Wednesday, 6 February 2013

Loss of a Mother...Excerpt from "A Thistle in the Mist"

Images and stories are running rampant through my head! "Lost to the Mist", my sequel to "A Thistle in the Mist", is beginning to have a life of it's own. Meara, my protagonist, is still trying to come to terms with the loss of her mother as she takes on the role of motherhood herself.

Here, in an excerpt from "A Thistle in the Mist", Meara stumbles through a myriad of emotions as she deals with the sudden death of her mother...

I backed away, held back my vomit with sheer will and turned to the remaining servants – the ones who had loved my mother dearly. They hovered silently, faces pale. Janet, her cheeks glistening with tears, held her arms out to me. I staggered forward and she hugged me close, her ripe belly pressing into mine.
     The foyer was silent save for Janet’s breath at my ear. The copper scent of blood lay heavy and a deep cold moved through me. Janet’s hand smoothed my back over and over, warm through the cotton of my gown.
     At the sound of movement, I peered over my shoulder. Da had left Deirdre’s arms. With stooped shoulders, he bent and scooped Mother’s slight frame, cradling her close. I stared, unable to look away, at her pale hair that cascaded almost to the floor, drifting back and forth like languid seaweed taken by the oceans current.  Her lifeblood continued to flow, seeping into Da’s plaid, blending with the red and green of the MacDonald tartan.
     “ sweet, sweet Jess...” He stared into Mother’s fixed eyes, his voice desperate, pleading. “I canna live without ye, darlin’ ye hear me, lass? My blessed angel, come back to me...please... I need ye...” He pressed his face to the curve of her neck and stumbled down the corridor and into his study.
     Slipping from Janet’s arms, I followed and watched from the doorway as he fell heavily into his barrel chair. His aimless hands smoothed Mother’s brow, while he murmured unintelligibly against her breast.
     Was it just that morning he had been a mountain to me, as impenetrable as the rock of the Cuillin Mountains? I wanted to take him in my arms, take away the hurting and bring back my mother.
     I crossed the room and pressed my lips to the top of his head. Pipe smoke lingered on his clothing and I let the comforting scent take me for a moment as I stroked the gleaming curls, so like my own. I stole a look at Mother’s face and could not hold back the moan. Then I turned away.
     Hannah needed me.
     Angus MacArthur stood in the doorway. He was Mary’s father and had served Da since Da had been a wee lad. He brushed at his tears then cupped my face in his gnarled hands. Faded eyes softened into mine. “I’m sarry, lassie.”
     I swallowed hard, nodding. His worn hand slipped down to cradle mine.
     “Take care of Da, Angus.”
     “Aye, lass, that I’ll do,” he said, patting my hand.
      He limped to the sideboard, his body bent with rheumatism, found a bottle of claret and filled a goblet. Da threw back his head and downed the burgundy wine, thrusting his cup out for more.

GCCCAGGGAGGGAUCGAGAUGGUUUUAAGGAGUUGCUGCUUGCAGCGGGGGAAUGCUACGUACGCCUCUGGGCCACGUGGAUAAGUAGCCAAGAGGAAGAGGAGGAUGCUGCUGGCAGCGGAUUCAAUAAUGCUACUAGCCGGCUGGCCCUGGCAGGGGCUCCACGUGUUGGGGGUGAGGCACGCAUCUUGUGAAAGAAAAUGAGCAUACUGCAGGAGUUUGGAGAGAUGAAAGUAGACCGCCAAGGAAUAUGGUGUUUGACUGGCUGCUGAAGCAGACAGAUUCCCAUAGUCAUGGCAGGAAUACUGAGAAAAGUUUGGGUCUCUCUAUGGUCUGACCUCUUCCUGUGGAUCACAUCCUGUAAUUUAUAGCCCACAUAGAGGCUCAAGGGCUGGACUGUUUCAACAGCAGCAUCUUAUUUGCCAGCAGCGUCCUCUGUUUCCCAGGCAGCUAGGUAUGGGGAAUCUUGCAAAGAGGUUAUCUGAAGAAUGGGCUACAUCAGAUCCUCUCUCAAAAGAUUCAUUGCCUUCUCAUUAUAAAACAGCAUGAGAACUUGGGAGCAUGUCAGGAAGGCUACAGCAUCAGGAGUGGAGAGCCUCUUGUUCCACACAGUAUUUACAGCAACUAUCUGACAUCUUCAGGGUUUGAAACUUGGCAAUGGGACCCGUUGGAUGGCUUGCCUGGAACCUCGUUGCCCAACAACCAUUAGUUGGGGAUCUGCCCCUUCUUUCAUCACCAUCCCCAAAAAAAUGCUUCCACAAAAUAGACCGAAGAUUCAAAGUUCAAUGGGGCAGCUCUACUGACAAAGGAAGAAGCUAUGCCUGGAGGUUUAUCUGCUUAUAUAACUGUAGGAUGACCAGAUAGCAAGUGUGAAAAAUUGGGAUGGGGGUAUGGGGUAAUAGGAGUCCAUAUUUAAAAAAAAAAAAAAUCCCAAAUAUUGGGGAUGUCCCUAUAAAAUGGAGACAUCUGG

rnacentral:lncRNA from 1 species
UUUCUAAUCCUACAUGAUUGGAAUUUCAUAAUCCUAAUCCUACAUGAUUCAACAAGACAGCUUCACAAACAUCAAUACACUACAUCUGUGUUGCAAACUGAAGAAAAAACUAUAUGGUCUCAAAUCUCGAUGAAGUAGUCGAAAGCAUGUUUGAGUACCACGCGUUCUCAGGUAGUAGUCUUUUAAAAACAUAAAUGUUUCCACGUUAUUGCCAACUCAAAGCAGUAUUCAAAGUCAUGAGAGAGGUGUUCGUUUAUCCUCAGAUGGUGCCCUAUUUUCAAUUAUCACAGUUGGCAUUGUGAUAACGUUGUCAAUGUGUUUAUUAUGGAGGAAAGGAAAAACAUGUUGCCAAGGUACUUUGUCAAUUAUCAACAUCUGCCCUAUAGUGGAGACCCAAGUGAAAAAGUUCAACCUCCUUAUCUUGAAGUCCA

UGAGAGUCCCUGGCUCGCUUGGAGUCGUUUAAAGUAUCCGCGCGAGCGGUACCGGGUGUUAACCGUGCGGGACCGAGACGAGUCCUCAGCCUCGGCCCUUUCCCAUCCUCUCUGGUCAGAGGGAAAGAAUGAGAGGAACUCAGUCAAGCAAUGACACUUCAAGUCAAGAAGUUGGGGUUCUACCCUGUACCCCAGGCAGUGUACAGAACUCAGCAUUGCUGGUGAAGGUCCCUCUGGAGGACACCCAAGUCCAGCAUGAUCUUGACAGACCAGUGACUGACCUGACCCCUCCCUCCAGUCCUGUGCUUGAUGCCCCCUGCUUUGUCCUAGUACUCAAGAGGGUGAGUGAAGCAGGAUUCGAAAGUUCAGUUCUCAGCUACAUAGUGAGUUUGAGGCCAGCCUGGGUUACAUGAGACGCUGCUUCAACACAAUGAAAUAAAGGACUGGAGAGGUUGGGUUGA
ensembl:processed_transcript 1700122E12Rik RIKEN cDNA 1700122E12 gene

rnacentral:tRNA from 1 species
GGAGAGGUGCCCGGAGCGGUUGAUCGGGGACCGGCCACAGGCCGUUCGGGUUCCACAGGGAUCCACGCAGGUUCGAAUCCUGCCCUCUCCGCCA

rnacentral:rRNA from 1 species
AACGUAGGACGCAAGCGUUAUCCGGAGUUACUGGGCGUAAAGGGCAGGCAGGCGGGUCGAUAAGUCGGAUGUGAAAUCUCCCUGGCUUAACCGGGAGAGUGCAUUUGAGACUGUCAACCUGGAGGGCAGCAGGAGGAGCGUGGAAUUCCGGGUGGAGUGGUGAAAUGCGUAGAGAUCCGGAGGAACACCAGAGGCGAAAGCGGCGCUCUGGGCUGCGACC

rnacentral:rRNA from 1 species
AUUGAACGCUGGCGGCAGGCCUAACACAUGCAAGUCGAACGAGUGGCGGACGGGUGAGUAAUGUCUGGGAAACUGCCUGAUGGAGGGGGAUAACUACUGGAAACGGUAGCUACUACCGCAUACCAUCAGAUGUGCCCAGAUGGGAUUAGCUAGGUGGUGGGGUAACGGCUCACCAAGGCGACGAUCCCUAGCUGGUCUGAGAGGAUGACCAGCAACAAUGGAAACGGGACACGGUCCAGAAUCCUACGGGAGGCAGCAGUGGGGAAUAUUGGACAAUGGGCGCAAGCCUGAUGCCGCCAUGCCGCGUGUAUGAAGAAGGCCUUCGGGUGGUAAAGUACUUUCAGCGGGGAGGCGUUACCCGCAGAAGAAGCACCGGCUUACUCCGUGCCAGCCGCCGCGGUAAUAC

I closed my eyes for a moment then turned, retraced my steps and crossed the foyer.
     As I neared the stairs, I lost my footing and glanced down. A gleaming puddle of truth stared up at me. I backed away, giving myself over to the trembling. With heavy legs I turned and mounted the first step but halted as I felt fingers close around my wrist. Snatching my arm from the cold grip, I spun around.
     Uncle Sloan lurked at her side. Not a trace of sorrow shadowed his cadaver-like face. Shiny lips framed his uneven teeth in a hungry grin as his fingers slid down to rest by his crotch. I felt the heat of his pale stare as though he had reached out and touched me. A shiver whispered between my shoulder blades as I turned back to Deirdre.
     “Meara, ye best keep yer clarty accusations to yerself. Everyone kent that Jessie loved me,” she hissed. She leaned in to me and I felt her breath, hot on my face, “Dinna say nothin’ ye’ll regret, girl.” Her words slithered into my head, coiled around my brain and the doubt I’d felt was gone.
     I drew myself up, vibrating with spasms I could no longer control. “Dinna ever touch me agin or I’ll kill you,” I whispered. I leaned forward until my nose almost touched hers. She jerked her chin into her neck.” Did ye hear me? I’ll murder ye as ye murdered my mother.” Raising my hand, I jabbed at her chest. “I ken what ye’ve done and you may be the next to take a fall.”
     I felt her eyes on my back as I turned and mounted the stairs on legs that felt like water.
     Something touched my arm. It was cold but it was a touch I knew.
     I stared at my arm then peered around the dim landing. Dust motes drifted on a shaft of sunlight. A hint of honeysuckle touched the air. “Mother?” My thin voice was lost in the vaulted ceiling. I had a crazy desire to run and see that she still lay in Da’s arms. I jumped as the grandfather clock bonged the half hour behind me. I’m going mad, I thought before I hunched my shoulders and hurried down the hall toward Hannah’s room.
     Jessie watched her daughter melt into the shadows, confusion clouding her mind. Why? Why had Meara ignored her?
     She leaned over the railing and stared down at her half-sister’s back. Deirdre abruptly stiffened and darted a look up over her shoulder, up to the landing. Her lips tightened and she turned and hustled after Sloan.
     The dark puddle at the base of the stairs drew Jessie’s eye. The edges were turning a rusty brown.
     Jessie stared at the puddle for a long, long time.
     And a cold tear overflowed and slipped down her cheek.

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